The 3,432 cinemas currently operating in Spain already account for 95.5% of those in pre-pandemic times and, if the 131 theaters likely to reopen in the future are also counted (cinemas that have expressed their intention to reopen, or have not confirmed their final closure) the figure rises to 99.2%, according to a study.

AIMC (Association for Media Research) has produced a new edition of its Census of Cinema Rooms, which reflects the latest trends in the cinema sector in Spain.

This study is based on the previous census, dated April 1, 2019, and has been completed through a research work around exhibition premises, screens / rooms and seats, establishing the situation as of July 1, 2021 as a reference.

As soon as to the number of exhibition venues, the figure stands at 706 (664 fully operational and 42 likely to reopen), which, although it decreases in 17 locations (-2.4%) compared to the last census of 2019, exceeds the 697 existing in 2018.

Regarding the number of seats, the figure is set at 752,291 (723,645 in open cinemas and 28,646 in cinemas likely to open), which represents a decrease of 34,184 (-4.3%), compared to the 2019 study.

As the study points out, the “logical drop” in cinema attendance generated by the pandemic situation appears to have “bottomed out” in early 2021. The reopening of cinemas, together with the return of major premieres to the billboards and the loss of fear of contagion by an increasingly immunized population, suggest that the number of spectators will continue to increase in the near future.

The census shows a gradual increase in the last five years of the population that resides in municipalities with cinema. 63.2% of Spaniards reside in a town that has at least one cinema. However, the number of municipalities with cinema has been reduced to 461 (10 less than in 2019, although 7 more than in 2018), which represents 5.7% of the total. On average, there are approximately 1.5 venues and 7.5 cinemas per municipality with cinemas.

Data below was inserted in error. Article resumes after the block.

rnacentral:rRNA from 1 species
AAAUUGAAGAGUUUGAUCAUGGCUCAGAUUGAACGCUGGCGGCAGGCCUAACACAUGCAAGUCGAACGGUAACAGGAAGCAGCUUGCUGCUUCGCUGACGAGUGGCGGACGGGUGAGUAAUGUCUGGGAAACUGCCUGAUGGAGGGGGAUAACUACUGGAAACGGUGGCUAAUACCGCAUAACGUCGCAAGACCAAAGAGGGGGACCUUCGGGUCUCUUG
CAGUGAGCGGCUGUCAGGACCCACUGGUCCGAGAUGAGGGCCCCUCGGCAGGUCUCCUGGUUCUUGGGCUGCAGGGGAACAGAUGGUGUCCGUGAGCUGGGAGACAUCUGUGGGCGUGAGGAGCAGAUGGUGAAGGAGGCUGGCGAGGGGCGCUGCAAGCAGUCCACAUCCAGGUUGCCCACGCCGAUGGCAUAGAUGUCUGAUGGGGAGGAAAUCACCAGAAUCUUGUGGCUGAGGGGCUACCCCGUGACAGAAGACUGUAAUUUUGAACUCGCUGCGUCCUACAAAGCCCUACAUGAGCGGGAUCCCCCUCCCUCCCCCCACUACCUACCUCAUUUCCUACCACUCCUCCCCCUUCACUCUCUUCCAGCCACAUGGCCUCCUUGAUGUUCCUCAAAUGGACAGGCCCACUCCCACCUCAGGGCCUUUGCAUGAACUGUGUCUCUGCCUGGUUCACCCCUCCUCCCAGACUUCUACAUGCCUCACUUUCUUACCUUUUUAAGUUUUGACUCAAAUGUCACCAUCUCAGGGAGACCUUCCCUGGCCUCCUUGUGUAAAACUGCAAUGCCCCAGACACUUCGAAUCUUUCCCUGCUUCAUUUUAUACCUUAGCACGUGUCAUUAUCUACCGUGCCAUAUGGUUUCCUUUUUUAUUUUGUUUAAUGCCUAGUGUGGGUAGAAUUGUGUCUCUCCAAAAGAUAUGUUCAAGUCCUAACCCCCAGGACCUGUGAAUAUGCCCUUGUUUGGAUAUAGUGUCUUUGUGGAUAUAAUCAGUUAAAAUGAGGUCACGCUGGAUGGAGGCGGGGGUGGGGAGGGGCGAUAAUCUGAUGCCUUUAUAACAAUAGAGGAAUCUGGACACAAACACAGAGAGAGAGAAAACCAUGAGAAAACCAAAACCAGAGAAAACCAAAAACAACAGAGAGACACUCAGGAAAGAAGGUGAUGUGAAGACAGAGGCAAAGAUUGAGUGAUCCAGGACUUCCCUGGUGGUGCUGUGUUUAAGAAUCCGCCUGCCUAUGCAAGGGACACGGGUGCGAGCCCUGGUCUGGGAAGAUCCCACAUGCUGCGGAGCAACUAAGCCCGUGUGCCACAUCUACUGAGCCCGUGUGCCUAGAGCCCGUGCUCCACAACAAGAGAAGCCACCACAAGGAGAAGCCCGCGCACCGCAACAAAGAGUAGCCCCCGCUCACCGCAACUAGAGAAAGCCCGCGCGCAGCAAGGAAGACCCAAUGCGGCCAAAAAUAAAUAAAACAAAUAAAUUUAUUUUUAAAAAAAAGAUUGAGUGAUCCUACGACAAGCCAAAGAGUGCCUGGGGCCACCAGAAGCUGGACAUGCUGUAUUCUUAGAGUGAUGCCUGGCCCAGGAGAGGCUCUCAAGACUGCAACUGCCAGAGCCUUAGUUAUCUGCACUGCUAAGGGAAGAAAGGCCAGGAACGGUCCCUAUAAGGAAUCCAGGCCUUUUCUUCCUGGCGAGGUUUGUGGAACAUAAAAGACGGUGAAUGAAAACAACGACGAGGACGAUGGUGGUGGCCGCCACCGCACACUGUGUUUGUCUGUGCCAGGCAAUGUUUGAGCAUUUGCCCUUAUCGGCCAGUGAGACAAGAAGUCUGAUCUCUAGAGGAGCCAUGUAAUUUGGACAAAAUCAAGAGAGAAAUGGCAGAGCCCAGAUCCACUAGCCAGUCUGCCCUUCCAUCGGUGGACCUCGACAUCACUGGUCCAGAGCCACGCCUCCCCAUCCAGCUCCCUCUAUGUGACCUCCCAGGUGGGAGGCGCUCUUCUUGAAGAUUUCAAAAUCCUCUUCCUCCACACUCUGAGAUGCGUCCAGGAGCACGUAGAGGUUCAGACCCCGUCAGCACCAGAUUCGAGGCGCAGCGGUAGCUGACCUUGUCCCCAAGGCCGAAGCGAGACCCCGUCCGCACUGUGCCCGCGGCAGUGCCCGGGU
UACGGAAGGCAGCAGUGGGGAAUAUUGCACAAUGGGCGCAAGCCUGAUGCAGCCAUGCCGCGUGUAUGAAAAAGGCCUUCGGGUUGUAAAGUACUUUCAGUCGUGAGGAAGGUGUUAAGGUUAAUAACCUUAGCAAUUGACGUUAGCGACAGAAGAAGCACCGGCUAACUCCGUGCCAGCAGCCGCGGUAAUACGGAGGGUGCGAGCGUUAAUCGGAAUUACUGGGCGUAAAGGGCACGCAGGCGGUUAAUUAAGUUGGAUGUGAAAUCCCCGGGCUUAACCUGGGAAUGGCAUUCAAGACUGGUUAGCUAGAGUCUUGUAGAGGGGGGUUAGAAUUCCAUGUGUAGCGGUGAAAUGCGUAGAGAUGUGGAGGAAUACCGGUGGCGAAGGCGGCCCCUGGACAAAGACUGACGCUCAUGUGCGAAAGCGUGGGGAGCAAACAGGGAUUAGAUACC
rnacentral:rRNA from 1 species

On the other hand, there are 2,426 theaters (68.1%) located in towns with more than 50,000 inhabitants. In addition, 94.4% of the people who live in these municipalities have a cinema in their locality, compared to individuals from populations of less than 50,000 inhabitants where only 27.8% have one.

The community with the highest number of theaters is Andalusia, with 645, which, for the first time in a long time, surpasses Catalonia, with 612. Next, is Madrid, with 519. These three communities together make up half of the existing rooms in Spain. The ranking by province is led by Madrid (with 519 theaters), followed by Barcelona (404), Valencia (212), Alicante (171), Seville (153), Malaga (136), Cádiz (124) and Murcia (117) .


In Spain there are approximately 75 cinemas for every million inhabitants, a figure similar to that of the latest census deliveries, although eight less than ten years ago. The communities that have 80 or more rooms per million inhabitants are: La Rioja (128), Navarra (92), the Basque Country (85) and the Valencian Community (83).

As to The provinces with the highest density of venues are, in this order, Soria, La Rioja, Segovia, Girona, Tarragona and Salamanca, that exceed 110 theaters per million inhabitants. On the opposite side are the communities of Ceuta and Melilla (47), Extremadura (56), Cantabria (58), the Balearic Islands (61) and Aragón (62). On the other hand, the provinces with the lowest concentration of rooms per million inhabitants, not exceeding 50, are Melilla, Teruel, Ourense, Jaén and Toledo.

In terms of capacity, the average density is approximately 16 seats per 1,000 inhabitants, one less than in the last 2019 census and three less seats compared to the 2011 study.


Drive-ins have benefited from the pandemic situation. Being outdoors and the interaction between attendees being minimal, thus facilitating the maintenance of social distance, a greater interest in attending them has been generated by the spectators.

With the end of the confinement, these types of cinemas began to spread, many on a temporary basis, but others with the intention of staying in time, causing the number of drive-ins on a permanent basis to have increased from the six existing before the start of the pandemic, to ten today.

By Editor

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